Bright children and their parents have lost a much-needed friend with the recent death of Professor Julian Stanley of Johns Hopkins University. For decades he not only researched and ran programs for intellectually gifted students, he became their leading advocate in books and articles.I'm glad that Cal State, Los Angeles is doing its part.
His efforts were very much needed. Unusually bright children are too often treated like stepchildren by the American educational system.
While all sorts of special classes and special schools are created for various categories of students, there is resistance and even hostility to the idea of creating special classes or schools for intellectually gifted students. …
While it is well known that the average American student does poorly on international tests, what is not so well known is that gifted American students lag particularly far behind their foreign counterparts.
Professor Julian Stanley pointed out that the performance level of gifted American students "is well below both the level of their own potential and the achievement levels of previous U.S. generations." In other words, our brightest kids have been going downhill even faster than our average kids. …
Julian Stanley did not just criticize existing practices. He created special programs for unusually bright high school students on weekends and during the summer at Johns Hopkins University. The success of these programs has inspired similar programs at Purdue University and elsewhere.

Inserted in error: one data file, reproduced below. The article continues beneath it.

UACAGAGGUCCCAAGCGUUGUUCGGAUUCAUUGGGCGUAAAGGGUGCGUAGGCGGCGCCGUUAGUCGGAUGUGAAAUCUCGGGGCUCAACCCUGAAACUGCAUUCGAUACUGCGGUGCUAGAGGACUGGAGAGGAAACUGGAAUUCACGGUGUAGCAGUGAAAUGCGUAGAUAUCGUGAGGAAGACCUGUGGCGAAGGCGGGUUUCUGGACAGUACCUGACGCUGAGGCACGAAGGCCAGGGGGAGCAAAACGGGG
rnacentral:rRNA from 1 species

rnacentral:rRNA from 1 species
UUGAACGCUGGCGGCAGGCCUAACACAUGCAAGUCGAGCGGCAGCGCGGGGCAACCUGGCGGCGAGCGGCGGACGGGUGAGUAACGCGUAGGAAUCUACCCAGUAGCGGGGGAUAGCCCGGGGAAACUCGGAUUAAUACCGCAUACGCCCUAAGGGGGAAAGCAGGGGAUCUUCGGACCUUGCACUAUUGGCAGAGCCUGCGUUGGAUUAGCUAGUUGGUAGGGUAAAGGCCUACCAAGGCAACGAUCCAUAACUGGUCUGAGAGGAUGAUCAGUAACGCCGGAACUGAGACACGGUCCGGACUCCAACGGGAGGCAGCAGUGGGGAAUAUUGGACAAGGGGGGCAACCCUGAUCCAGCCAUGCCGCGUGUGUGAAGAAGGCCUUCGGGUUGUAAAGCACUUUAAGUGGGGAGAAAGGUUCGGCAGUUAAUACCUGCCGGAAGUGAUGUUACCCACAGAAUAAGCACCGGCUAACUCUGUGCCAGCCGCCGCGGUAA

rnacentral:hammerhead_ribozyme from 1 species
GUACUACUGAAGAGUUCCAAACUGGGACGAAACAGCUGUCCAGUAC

Such programs have not only produced academic benefits, the gifted students in such programs have expressed an almost pathetic gratitude for finally being in a setting where they are comfortable with their peers and are viewed positively by their teachers. …
Julian Stanley made a unique contribution to the development of gifted children, both directly through his program at Johns Hopkins and indirectly through his research and advocacy. Fortunately, he is survived by collaborators in these efforts, such as Professors Camilla Persson Benbow and David Lubinski of Vanderbilt University.
The effort must go on, both to stop the great waste of gifted students, whose talents are much needed in the larger society, and for the humane purpose of relieving the frustration and alienation of youngsters whose only crime is being born with more intellectual potential than most of those around them.
At a recent meeting to decide which students should be admitted to the program for next year, Rich described the admission criteria. Besides intellectual and emotional maturity and readiness, Rich also considers need, i.e., the possibility that students are trapped in an environment in which their skills make them targets of anti-intellectual sentiment. I hadn't realized how serious this problem is. I'm glad that we are available to help at least some of these students.
Here's an article from the John's Hopkins magazine about Julian Stanley.